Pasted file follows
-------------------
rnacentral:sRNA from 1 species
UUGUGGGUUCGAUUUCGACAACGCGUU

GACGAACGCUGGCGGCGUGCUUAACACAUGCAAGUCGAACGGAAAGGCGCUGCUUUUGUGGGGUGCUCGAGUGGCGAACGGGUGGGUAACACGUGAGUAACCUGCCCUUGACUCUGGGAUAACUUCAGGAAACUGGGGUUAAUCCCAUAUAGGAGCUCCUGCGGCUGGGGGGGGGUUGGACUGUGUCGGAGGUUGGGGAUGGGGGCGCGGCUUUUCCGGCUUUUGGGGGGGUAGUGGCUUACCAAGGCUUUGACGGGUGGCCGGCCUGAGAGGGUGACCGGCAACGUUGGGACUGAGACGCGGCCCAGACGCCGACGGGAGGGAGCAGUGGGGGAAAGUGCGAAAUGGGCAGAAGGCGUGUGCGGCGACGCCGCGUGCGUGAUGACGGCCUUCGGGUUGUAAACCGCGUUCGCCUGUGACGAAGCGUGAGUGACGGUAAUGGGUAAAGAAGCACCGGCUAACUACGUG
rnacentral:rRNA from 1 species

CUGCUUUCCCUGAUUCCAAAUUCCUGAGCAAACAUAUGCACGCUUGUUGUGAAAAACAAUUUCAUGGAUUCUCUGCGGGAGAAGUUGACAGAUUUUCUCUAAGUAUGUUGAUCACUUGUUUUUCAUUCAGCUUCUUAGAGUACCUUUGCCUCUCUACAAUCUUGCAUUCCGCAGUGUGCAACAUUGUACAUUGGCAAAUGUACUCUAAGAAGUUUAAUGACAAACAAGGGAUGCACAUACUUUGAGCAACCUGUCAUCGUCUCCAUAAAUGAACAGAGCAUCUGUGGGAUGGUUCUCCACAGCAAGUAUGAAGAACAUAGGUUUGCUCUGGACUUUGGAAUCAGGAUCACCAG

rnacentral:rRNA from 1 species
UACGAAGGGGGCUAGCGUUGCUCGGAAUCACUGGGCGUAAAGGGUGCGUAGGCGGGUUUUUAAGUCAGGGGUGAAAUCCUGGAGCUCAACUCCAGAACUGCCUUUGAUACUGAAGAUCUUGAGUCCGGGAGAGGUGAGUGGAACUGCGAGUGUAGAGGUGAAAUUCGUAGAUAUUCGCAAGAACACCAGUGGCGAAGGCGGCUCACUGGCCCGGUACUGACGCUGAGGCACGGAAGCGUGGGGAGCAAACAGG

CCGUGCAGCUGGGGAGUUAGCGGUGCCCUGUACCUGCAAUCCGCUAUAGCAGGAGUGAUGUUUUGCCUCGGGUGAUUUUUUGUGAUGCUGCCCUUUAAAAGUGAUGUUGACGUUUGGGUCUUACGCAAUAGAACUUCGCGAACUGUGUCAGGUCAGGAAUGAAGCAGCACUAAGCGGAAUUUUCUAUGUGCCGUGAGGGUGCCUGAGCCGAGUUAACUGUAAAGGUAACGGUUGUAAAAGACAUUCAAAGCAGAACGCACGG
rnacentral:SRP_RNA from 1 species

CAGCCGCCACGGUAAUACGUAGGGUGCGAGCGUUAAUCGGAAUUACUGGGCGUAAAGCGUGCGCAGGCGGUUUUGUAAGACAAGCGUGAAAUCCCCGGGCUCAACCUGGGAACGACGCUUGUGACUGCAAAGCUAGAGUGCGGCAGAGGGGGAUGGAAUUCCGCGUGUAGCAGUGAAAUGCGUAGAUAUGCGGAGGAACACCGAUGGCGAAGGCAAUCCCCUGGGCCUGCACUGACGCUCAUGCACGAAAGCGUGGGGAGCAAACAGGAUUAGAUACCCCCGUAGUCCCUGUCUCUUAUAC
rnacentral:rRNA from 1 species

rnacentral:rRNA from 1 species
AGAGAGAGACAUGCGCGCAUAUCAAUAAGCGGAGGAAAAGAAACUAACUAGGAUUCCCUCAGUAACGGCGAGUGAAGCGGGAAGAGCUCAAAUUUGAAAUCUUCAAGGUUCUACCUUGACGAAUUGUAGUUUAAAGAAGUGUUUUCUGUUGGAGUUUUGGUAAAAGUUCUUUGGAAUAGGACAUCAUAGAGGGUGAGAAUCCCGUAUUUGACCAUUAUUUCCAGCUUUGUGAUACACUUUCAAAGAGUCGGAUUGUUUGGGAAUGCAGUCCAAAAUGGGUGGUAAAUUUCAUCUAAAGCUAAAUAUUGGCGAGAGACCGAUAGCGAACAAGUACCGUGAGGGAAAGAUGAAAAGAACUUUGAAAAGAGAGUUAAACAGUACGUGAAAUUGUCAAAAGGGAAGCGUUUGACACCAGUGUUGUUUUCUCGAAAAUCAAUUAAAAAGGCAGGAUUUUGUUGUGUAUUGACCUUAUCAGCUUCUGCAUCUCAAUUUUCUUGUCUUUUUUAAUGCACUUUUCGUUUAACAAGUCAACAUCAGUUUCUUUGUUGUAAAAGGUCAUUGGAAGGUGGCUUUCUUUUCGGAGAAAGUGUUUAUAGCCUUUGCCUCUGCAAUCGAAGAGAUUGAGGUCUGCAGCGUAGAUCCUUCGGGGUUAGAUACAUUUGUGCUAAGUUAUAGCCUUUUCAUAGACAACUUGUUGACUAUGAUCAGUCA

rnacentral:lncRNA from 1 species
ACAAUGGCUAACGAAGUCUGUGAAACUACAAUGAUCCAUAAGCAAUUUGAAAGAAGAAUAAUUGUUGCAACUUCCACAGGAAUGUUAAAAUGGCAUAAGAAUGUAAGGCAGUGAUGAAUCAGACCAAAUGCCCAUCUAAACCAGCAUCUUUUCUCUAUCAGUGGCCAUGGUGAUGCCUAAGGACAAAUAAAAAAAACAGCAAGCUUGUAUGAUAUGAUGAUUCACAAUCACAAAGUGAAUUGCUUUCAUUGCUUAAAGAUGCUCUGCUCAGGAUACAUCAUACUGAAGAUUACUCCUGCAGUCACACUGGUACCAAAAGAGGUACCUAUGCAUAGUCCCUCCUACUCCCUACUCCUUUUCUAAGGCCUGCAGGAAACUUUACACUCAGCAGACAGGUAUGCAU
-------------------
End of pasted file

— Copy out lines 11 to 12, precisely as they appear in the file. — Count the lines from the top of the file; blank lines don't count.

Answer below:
rnacentral:rRNA from 1 species

rnacentral:rRNA from 1 species